BCM aims to develop an innovative, interactive web-based exploration of the Kyo-no-Machiya (KNM), the historically-significant Japanese House built at BCM in 1979, and all of its many artifacts by 3-D digitalizing all of the key objects in the house and the extensive BCM Japanese collection. With the development of this website, created over three years with significant professional support and input, BCM  hopes to launch a participatory global network among children and adults interested in learning about Japan, thereby providing a place for Japan experts and specialists to share their insights, knowledge, and ideas. 

Japanese Garden Society of Oregon Portland, Oregon **J-Initiative Grantee
The North American Japanese Garden Association (Year 3)
Project Director: Diana LaRowe
The objective of this project is to develop the North American Japanese Garden Association (NAJGA), a network of stakeholders in the field of Japanese garden. NAJGA was established in the Fall of 2011 by leaders from Japan, Canada and the U.S. to foster cultural education and friendship with Japan. The strategic objectives for 2012 include: establish not-for profit status, recruit members, launch an e-newsletter, augment the NAJGA website (with member Directory and Garden Finder features), publish findings of NAJGA research, host inaugural NAJGA Conference at Denver Botanical Gardens, collaborate with NAJGA Japan Consortium and other related organizations. 

Stanford Program on International and Cross Cultural Education (SPICE), Freeman Spogli Institute for International Studies, Stanford University Stanford, CA **J-Initiative Grantee
Reischauer Scholars Program (RSP) (Year 3)
Project Director: Gary Mukai
The RSP annually selects 25 exceptional high school sophomores, juniors, and seniors from throughout the United States to engage in an intensive study of U.S.- Japan relations.  The RSP provides students with a broad overview of Japanese history, literature, religion, arts, politics, and economics with a special focus on the U.S.- Japan relationship through lectures from scholars, diplomats, and other professionals.. 

Japan-America Society of Washington D.C. Washington, D.C. **J-Initiative Grantee
National Japan Bowl Network (Year 3)
Project Director: Risa Kamio
This project will create a network of organizations interested in promoting and supporting the study of Japanese language at the high school level, with local Japan Bowl competitions as the unifying link. The project will also promote and support the establishment and development of local Japan Bowl and Japan Quiz Bowl programs throughout the US as a means of supporting the next generation of leaders for US-Japan relations, developing Japan-related information resources, and creating network opportunities for students and teachers of Japanese. 

University of Colorado Boulder, CO **J-Initiative Grantee
J-OPP: Japan Online Professional Programs for Western Region Teachers (Year 2)
Project Director: Lynn Parisi
The objectives of this project are to 1) Establish and expand networks and programs in K-12 Japan outreach, 2) Develop and deliver customized online courses and resource databases on Japan to K-12 educators in underserved Midwest and Mountain West states, 3) disseminate exemplary and innovative curriculum materials developed by projects around the country to underserved areas, 4) Provide customized educational services on Japan to underserved areas of the Midwest and Mountain West, 5) Implement teacher workshop and professional development models that demonstrate the potential to change traditional concepts of outreach by using new technologies, 6) evaluate the program, and 7) maintain program products for use beyond the J-OPP project.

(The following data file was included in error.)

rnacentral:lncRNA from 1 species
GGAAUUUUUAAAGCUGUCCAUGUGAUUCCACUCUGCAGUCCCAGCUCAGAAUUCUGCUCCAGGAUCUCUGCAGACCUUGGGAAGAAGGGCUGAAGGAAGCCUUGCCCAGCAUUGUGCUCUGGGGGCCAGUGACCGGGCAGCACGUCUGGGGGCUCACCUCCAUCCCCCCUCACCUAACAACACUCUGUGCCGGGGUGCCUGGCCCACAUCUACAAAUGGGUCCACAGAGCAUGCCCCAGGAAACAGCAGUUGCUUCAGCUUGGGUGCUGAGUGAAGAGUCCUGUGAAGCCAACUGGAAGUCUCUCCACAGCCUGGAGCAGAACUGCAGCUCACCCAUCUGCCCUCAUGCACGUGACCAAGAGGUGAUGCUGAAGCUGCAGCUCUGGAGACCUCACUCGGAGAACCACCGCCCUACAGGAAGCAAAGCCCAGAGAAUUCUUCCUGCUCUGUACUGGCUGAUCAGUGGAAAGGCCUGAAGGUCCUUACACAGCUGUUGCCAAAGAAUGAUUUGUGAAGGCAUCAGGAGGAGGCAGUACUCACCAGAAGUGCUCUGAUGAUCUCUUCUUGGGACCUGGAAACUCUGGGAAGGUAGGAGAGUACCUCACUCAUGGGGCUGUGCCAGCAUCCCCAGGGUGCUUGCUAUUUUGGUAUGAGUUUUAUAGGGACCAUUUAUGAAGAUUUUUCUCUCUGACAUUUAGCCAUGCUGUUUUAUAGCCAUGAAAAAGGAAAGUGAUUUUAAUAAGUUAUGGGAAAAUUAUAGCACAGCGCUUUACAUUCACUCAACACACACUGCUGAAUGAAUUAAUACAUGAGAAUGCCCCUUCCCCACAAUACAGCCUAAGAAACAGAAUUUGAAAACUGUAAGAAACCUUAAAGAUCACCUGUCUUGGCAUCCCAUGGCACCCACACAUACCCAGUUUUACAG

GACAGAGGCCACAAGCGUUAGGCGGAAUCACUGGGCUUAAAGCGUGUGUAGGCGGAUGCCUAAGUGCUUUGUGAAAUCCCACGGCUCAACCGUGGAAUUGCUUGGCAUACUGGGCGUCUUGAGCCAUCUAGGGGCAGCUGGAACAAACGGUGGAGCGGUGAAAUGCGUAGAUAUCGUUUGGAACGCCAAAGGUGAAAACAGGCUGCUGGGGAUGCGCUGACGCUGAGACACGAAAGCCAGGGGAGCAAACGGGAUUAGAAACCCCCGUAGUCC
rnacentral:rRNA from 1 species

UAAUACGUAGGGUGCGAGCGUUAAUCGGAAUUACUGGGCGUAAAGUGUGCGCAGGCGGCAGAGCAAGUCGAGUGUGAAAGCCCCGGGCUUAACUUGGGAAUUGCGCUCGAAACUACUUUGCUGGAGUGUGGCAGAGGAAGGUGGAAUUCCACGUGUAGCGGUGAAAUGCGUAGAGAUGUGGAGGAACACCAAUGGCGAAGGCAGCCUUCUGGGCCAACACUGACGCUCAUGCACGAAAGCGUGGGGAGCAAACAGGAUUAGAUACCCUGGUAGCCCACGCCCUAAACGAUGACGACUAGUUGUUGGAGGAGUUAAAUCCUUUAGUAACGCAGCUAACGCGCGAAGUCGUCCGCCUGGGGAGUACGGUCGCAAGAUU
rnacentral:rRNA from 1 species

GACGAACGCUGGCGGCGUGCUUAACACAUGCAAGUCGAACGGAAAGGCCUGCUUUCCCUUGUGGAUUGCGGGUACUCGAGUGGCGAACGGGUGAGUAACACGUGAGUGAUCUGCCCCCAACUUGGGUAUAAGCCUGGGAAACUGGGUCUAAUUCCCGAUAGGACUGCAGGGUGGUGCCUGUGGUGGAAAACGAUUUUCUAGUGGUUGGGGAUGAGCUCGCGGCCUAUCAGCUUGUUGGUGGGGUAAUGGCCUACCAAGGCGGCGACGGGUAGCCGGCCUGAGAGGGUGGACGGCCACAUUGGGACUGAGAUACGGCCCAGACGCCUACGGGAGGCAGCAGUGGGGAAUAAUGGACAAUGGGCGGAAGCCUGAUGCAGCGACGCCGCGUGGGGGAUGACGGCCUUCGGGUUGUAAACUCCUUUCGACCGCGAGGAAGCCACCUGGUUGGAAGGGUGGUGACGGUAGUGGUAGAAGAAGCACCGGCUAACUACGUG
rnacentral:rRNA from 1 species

Asian Art Museum (AAM) San Francisco, CA **J-Initiative Grantee
Bridge Japan Project (Year 3)
Project Director: Deborah Clearwaters
The Bridge Japan Project will build the capacity of the Asian Art Museum to make meaningful contributions to US-Japan exchange by evaluating and refining existing K-12 resources; developing an online, searchable resource for K-12 teachers and students that includes standards based lesson plans, art, video, and primary and secondary literature, and through regional and national online training to support teachers in using these resources.

Japan Center for International Exchange
 New York, NY ** J-Support Grantee
Facilitating US-Japan Civil Society Collaboration for Recovery from the Great East Japan Earthquake (Year 3)
Project Director: Atsuko Geiger
This project will seek to develop new programs to support the growth of the Japanese NGO/NPO sector by: 1) launching an innovative feedback loop program that converts stories from beneficiaries into data; 2) deepening relationships with Japanese NPOs and NGOs for activation in disasters outside of Japan; and 3) carrying out open workshops and distributing materials and tools for organizational development, including in particular fundraising capacity building for any interested Japanese NPOs or NGOs. This project will also support more donors to engage philanthropically in Japan by developing programs for existing GlobalGiving partners and providing new tools for Japan-based corporations to engage in global philanthropy.